By Dina Eliash Robinson

If you like to snack on crunchy raw root vegetables, you’ll probably forsake most others in favor of a few satisfying bites of the delicious jicama—preferably grown in organic soil and with certified organic methods. Also known as Mexican turnip, the somewhat flattened sphere covered with a thin, coarse, brown skin, serves up a slightly sweet crunch with a mighty dose of healthy nutrition.

A medium size jicama root has only 250 fat-free and cholesterol-free calories, which makes it an ideal weight-loss food, especially when turned into a large bowl of shredded slaw.

Recipe: Just add to the fragrant and hydrating mound of shredded jicama as many of the following organic ingredients as appeal to you: Apple cider vinegar—enough to soak or just moisten it to your preference; a quarter teaspoon of honey, a table spoon of dry parsley, half a table spoon dry basil, half-teaspoon of powdered turmeric, a dash of powdered ginger, a knife-tip of cayenne pepper (if you like a kick), half-teaspoon sweet red paprika and Himalayan pink salt to taste or optional.

As an improvising “jazz” cook who likes to intensify flavors, I add chopped red onions and garlic (or dry versions when I need to save time), a small splash of Worcestershire sauce and a couple of table spoons of extra virgin olive oil. But if you do not subscribe to my “everything including the kitchen sink” school of cooking, feel free to eliminate as many of the above ingredients as you like.

To prove its versatility, a half-cup of shredded jicama is perfect for livening up green salads, while cooked in a chicken or turkey stew it adds volume, flavor and nutrients. A whole, thinly sliced jicama coated with olive oil and your favorite spices can be baked, crisped and kept in the fridge for lasting crunchy snacks. Also, since jicama is about 85% water, bringing a few chunks of it in a plastic baggie when you hike will quench your thirst as effectively as any liquid.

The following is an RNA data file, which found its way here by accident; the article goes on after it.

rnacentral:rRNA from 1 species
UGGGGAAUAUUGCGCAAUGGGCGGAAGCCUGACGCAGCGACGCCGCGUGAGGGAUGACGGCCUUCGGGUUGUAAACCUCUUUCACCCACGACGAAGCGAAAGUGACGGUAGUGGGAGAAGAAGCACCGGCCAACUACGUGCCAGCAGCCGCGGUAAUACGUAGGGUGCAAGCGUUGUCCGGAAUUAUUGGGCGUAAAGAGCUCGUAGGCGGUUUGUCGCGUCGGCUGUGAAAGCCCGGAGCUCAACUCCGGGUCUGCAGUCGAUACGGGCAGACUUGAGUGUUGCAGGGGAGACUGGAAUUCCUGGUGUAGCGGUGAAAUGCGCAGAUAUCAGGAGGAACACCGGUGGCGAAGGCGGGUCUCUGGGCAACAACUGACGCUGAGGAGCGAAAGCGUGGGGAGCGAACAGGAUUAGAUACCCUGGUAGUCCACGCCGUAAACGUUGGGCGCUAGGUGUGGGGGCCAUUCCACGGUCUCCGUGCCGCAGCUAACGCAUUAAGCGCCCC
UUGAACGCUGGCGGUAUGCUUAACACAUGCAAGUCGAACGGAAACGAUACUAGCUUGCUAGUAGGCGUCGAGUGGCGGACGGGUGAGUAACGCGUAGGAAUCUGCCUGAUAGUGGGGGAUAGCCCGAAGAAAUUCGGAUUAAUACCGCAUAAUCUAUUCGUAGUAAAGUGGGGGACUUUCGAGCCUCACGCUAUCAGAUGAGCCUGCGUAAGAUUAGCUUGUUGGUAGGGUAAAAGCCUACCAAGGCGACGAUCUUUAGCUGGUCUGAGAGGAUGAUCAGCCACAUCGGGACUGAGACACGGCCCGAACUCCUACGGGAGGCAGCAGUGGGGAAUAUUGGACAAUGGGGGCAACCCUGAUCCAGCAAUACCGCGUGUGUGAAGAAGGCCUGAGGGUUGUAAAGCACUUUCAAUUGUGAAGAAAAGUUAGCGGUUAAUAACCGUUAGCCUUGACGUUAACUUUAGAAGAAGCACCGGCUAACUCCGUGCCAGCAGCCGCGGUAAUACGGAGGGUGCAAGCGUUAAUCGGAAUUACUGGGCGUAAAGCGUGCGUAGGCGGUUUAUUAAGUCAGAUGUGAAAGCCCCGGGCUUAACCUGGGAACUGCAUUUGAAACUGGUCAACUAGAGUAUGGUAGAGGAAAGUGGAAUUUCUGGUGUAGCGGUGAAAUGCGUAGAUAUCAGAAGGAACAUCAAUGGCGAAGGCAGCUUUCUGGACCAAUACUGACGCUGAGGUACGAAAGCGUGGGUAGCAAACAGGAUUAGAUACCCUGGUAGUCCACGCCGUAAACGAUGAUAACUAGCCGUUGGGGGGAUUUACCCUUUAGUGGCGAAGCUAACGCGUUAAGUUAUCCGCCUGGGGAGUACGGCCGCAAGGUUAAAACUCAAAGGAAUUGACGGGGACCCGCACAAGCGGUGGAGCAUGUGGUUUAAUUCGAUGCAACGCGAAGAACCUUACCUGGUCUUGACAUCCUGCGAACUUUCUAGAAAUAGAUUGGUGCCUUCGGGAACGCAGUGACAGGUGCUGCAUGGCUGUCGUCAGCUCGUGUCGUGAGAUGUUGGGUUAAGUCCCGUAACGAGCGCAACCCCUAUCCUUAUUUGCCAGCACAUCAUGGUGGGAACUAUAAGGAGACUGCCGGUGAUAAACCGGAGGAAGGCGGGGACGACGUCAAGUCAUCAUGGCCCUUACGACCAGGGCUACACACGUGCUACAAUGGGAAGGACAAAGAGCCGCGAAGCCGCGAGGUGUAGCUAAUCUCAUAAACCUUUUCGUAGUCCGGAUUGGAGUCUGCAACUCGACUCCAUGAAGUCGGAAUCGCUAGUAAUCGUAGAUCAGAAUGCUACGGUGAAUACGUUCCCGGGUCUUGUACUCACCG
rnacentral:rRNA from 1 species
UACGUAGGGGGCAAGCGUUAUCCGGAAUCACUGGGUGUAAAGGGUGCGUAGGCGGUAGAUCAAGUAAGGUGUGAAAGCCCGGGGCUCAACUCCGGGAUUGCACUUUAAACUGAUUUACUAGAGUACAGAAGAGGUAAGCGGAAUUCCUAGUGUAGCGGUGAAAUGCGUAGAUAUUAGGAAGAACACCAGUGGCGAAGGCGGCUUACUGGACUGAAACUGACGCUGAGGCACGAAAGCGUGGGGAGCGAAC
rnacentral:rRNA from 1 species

Beyond mouth and tummy satisfaction, jicama is a highly effective health-aid for a variety of deficiencies and medical problems.

  • It is rich in probiotic elements that keep the human microbiome (i.e. the friendly bacteria in the gut) well-supplied and balanced;
  • It contains a generous 128% of dietary fiber, the inulin in which acts as a prebiotic helper to the gut flora so it can do its duty as an immune system booster and a shield against colorectal cancer and type 2 diabetes.
  • This amazing root also contains 28% of potassium that lowers the risk of strokes and helps seniors maintain more youthful muscle mass.
  • It also boasts 22% iron—especially useful to protect menstruating women from anemia.
  • Jicama’s 19% magnesium works to keep one’s mood in the optimistic zone.
  • But perhaps the root’s most useful ingredient is its hefty (221%) dose of Vitamin C, which helps to lower blood pressure and the risk of heart attack.

Last but not least: Having discovered the great nutritional benefits of this wondrous and delicious root, I’m adding it to my list of super-foods: blueberries, Brussels sprouts and the latter’s anti-cancer warrior relatives, the cruciferous vegetable protectors, such as   broccoli, cabbage and cauliflower.

Please email me at [email protected] with any additional information you might discover about the nutritional benefits of JICAMA.



  1. You have inspired me yet again, Dina! For some reason, we never eat jicama, but I am running out today to purchase some at our local organic vegetable market. Thank you for your wonderful culinary suggestions that are not only tasty, but keeping us healthy.

Leave a Reply

Your email address will not be published. Required fields are marked *